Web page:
Review: Biography: The End Of Normal: A Wife's Anguish, A Widow's New Life by Stephanie Madoff Mack
Blue Rider Press, £16.85
Published 06/11/2011 | 06:00
At precisely 4.14am on the morning of December 11, 2010, Mark Madoff, the son of the disgraced Wall Street financier Bernard Madoff, sent three short emails from his home computer.
The first email had the subject line "Help", with an ominous plea for someone to come by and take care of his infant son, Nick. The second, sent to his wife Stephanie, simply read "I Love You". The last, written to his lawyer, contained just two lines: "Nobody wants to believe the truth. Please take care of my family."
Having sent the messages, Mark then fashioned a noose out of his dog's lead, looped it around an exposed steel beam that ran through the living room of his trendy New York loft and hanged himself.
His 22-month-old son was sleeping in his nursery just yards away. A snapped cord from the vacuum cleaner lay on a nearby table, proof that Mark's attempts to kill himself had taken more than one try.
The 46-year-old investment trader had chosen to die on the second anniversary of his father's arrest for running the largest Ponzi scheme in American financial history. His wife was in Florida at the time, taking their four-year-old daughter for a much-anticipated trip to Disney World.
An epic fraud -- that his family insists was the sole brainchild of 'Bernie' Madoff -- the scheme scammed thousands of individuals, charities and organisations out of $65bn (€46bn) and led to the destruction of Madoff's formerly tight-knit family, and the death of his eldest son.
The unravelling of the Madoff clan and Mark's descent into despair is the subject of a new book by his widow, Stephanie Madoff Mack, The End of Normal: A Wife's Anguish, A Widow's New Life.
The book gives an intimate and harrowing account of Mark's two years of despair following his father's stunning revelation in December 2008 that his elite investment advisory business had been "one big lie".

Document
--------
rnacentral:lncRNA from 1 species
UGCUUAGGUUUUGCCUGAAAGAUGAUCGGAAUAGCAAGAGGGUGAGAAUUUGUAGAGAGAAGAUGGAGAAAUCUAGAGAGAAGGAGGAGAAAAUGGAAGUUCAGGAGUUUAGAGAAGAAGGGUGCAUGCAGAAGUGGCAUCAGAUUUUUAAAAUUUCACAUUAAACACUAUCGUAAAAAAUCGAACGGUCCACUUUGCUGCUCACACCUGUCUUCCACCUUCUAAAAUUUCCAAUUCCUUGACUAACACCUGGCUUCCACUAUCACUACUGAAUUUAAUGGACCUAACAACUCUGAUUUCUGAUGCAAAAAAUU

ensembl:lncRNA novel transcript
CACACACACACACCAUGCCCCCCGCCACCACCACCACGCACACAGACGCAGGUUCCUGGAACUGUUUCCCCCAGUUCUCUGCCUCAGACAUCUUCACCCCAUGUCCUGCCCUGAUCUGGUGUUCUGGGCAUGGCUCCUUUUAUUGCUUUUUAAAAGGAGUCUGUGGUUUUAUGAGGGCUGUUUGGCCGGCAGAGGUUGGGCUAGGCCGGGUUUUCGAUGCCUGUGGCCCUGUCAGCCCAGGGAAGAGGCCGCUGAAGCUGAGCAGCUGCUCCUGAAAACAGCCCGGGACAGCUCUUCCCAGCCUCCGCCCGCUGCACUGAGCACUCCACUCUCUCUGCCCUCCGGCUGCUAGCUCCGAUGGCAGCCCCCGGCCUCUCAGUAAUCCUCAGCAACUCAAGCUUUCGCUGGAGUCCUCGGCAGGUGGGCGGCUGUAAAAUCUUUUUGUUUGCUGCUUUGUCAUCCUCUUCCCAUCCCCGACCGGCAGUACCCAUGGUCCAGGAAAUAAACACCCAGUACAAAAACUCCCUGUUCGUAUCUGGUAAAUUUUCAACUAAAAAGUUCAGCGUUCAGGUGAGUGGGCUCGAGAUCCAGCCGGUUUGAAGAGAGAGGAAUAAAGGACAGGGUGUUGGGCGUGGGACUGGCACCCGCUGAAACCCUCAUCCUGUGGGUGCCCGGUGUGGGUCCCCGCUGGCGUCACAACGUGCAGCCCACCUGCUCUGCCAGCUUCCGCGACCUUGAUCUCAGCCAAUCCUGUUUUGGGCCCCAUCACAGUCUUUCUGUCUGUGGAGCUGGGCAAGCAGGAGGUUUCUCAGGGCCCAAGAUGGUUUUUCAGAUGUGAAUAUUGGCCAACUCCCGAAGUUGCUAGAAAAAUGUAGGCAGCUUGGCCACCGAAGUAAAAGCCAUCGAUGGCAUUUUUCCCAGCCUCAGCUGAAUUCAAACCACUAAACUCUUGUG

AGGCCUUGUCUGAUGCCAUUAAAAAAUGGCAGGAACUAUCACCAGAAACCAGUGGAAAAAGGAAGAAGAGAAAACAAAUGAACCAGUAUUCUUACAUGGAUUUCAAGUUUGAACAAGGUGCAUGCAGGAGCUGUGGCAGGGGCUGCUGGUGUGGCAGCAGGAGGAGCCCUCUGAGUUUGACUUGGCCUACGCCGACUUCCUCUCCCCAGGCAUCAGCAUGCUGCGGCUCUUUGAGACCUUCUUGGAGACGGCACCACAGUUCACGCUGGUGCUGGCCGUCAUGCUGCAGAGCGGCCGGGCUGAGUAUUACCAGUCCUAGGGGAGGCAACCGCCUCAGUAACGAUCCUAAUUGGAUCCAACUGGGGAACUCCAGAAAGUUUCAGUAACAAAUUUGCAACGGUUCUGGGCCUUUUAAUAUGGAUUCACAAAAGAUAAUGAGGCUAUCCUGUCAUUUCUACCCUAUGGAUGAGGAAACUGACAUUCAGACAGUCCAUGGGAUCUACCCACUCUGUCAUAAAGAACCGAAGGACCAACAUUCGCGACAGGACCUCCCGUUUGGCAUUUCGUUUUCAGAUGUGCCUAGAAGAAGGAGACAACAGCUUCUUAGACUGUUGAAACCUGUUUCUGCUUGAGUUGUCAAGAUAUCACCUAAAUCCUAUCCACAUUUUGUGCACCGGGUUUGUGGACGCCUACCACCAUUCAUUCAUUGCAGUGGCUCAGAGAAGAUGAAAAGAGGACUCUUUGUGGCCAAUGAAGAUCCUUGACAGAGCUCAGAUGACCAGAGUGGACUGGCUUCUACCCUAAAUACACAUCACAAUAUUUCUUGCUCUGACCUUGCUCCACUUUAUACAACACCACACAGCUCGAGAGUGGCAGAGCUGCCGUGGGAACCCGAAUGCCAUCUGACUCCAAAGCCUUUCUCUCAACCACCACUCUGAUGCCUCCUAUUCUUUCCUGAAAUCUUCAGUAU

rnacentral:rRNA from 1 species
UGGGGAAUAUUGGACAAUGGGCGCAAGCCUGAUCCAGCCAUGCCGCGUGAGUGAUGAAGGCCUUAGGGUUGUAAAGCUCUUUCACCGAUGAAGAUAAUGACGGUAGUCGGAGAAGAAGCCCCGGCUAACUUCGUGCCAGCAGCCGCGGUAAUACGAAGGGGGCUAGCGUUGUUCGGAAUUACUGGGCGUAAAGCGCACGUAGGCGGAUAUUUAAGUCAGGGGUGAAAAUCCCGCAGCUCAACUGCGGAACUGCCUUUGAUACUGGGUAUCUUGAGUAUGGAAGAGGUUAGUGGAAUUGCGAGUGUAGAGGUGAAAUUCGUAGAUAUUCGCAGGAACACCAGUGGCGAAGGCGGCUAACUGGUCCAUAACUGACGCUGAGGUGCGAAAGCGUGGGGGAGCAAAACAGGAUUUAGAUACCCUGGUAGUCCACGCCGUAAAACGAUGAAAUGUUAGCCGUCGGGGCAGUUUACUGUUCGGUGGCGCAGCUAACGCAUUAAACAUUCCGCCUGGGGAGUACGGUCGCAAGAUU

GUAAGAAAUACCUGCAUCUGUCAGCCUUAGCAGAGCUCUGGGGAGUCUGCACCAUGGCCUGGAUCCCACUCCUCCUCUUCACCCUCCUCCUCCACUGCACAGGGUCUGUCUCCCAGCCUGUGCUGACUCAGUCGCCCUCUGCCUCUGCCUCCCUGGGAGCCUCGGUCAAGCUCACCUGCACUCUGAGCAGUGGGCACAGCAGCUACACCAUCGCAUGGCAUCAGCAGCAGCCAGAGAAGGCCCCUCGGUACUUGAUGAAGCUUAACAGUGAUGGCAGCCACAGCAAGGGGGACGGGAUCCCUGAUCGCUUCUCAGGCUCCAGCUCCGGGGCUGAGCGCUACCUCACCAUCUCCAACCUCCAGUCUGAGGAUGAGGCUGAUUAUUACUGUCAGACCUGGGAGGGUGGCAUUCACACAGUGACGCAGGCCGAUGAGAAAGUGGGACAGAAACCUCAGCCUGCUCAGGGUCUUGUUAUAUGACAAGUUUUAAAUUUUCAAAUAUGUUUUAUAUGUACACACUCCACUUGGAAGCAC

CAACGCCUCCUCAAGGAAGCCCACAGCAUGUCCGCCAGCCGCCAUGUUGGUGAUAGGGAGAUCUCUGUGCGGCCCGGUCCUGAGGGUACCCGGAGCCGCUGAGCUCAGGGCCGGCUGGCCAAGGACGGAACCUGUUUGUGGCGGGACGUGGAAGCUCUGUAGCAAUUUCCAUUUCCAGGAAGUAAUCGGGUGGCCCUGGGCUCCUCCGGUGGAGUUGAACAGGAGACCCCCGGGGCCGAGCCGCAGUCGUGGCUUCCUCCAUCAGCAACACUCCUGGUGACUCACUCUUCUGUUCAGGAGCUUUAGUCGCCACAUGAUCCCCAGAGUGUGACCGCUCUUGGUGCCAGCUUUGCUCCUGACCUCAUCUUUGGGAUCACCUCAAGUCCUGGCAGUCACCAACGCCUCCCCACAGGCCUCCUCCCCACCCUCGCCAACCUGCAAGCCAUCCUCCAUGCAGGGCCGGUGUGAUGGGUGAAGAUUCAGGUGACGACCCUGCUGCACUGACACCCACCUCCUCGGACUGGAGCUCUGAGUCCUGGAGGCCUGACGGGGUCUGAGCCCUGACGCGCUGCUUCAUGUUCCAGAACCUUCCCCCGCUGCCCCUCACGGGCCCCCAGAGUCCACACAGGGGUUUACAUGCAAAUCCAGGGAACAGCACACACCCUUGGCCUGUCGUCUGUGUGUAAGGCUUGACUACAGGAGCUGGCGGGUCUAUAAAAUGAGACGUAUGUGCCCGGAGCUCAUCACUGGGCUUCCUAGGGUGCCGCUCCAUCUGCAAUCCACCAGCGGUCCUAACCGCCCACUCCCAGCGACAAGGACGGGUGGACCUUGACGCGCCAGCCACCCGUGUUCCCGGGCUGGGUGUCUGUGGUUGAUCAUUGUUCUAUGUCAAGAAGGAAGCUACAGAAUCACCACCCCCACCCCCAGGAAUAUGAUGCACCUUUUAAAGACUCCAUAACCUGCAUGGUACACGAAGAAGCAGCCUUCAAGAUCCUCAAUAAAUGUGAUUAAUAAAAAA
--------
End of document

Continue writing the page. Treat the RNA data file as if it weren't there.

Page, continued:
In the book, Stephanie demonises her in-laws, Ruth and Bernie Madoff, while praising her unsuspecting husband as "a hero" for immediately turning his father in to US authorities upon hearing his startling confession.
Mark's decision to blow the whistle on his father should have redeemed him in the eyes of the public and the press, but instead it cost Mark and his younger brother Andrew everything -- their reputation, their livelihoods and their relationship with their parents.
"There are people who never knew Mark Madoff, yet who gleefully point to his suicide as proof that he must have known of or participated in his father's epic crime," she writes in the book. "Nothing could be further from the truth. His death was proof of his pain."
In June 2009, Bernie Madoff pleaded guilty to securities fraud and received the maximum sentence of 150 years. In a jail house letter sent to Stephanie, Madoff compared his new home to a college campus with "lovely lawns and trees" and boasted of his new-found celebrity status. "I am. . . treated like a Mafia Don," he said.
But back in New York, Mark -- who refused to speak or see his parents after Bernie's confession -- struggled to overcome his sense of betrayal and shame. Unemployed, hounded by the paparazzi and weighed down by dozens of lawsuits filed by his father's victims, he became obsessed with the news coverage of the scandal.
"He would wake up every morning, immediately comb through the regular newspapers and that would be followed up by reading blog posts and comments," said his brother Andrew.
"And I would say, 'Look, you gotta -- you gotta shut off your computer. You gotta stop subjecting yourself to this because this is not helpful for you and it's not helpful for me. And if you keep doing this, it's just gonna lead to misery'."
After a failed attempt to kill himself in October 2009, Mark begged his mother to cut off all ties with her jailed husband, but Ruth Madoff steadfastly refused to leave the man she had been married to for more than 50 years.
'He begged me to stop seeing Bernie," Ruth told CBS news in an interview last week in which she also admitted she and her husband had entered into a failed suicide pact in 2008.
"And I said that I was having a really hard time abandoning him while he was under a life sentence in prison. And I had no idea of the dire effect that that had on him."
Mark's mother now blames herself for her son's suicide and since his death has cut off all contact with her husband. But her sacrifice has come too late for Stephanie Madoff who continues to honour Mark's wish by shunning Ruth from her own and her grandchildren's lives.
"I just wish, until my dying day, that I had done what he wanted," Ruth said.